Drew worries that every moment with his uncle could be the last – especially since it’s been more than a year since they hugged because of the COVID-19 pandemic.
Cox and interactive fashion brand, CuteCircuit, have teamed up to launch the Hug Shirt™, an innovation that allows loved ones to embrace virtually over long distances. The wearable connects Bluetooth to a mobile phone’s Hug Shirt app to record and deliver a hug.
To help connect people together, Cox Communications has gifted the Hug Shirt to three deserving families, including the Trotts. Through the Hug Shirt’s technology, Tom and Drew can safely give long-overdue hugs.
Cox is committed to making connection possible for customers with disabilities like ALS and creating solutions to improve their quality of life. For the past three years, Cox has partnered with organizations including Team Gleason to design and develop more accessible and inclusive products. Team Gleason is an advocacy organization that has provided $10 million-plus in adventure, technology, equipment and care services for those with ALS. The organization was founded by Steve Gleason, a former New Orleans Saints football player who was diagnosed with ALS in 2011.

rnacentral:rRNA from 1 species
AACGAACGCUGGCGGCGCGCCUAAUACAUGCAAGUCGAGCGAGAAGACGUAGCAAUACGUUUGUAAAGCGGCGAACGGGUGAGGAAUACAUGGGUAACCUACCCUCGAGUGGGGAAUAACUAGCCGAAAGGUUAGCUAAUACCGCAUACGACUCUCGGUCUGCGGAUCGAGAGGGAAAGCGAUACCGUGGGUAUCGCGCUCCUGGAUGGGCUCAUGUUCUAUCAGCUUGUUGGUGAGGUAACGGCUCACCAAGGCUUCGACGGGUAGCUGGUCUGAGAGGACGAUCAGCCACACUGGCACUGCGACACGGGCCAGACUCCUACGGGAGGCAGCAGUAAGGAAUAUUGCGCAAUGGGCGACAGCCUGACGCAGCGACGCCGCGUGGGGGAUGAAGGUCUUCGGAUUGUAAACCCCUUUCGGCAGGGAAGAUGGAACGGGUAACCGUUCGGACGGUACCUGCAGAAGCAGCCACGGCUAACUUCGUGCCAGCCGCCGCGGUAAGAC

Lending a Hand
There are thousands upon thousands of Americans with disabilities that prohibit them from doing simple things like walking, eating or using their TV remote without assistance. Quite simply, Cox cares because accessibility matters.
We want to help people by improving accessibility in our area of expertise, which is why we have invested in organizations devoted to ALS, people living with ALS and by providing solutions to those afflicted with ALS and other degenerative diseases and conditions. Learn more about Cox’s expanding catalog of disability friendly technology here.
If you are interested in getting involved and supporting the ALS community, visit https://www.als.org/get-involved for local opportunities to make an impact.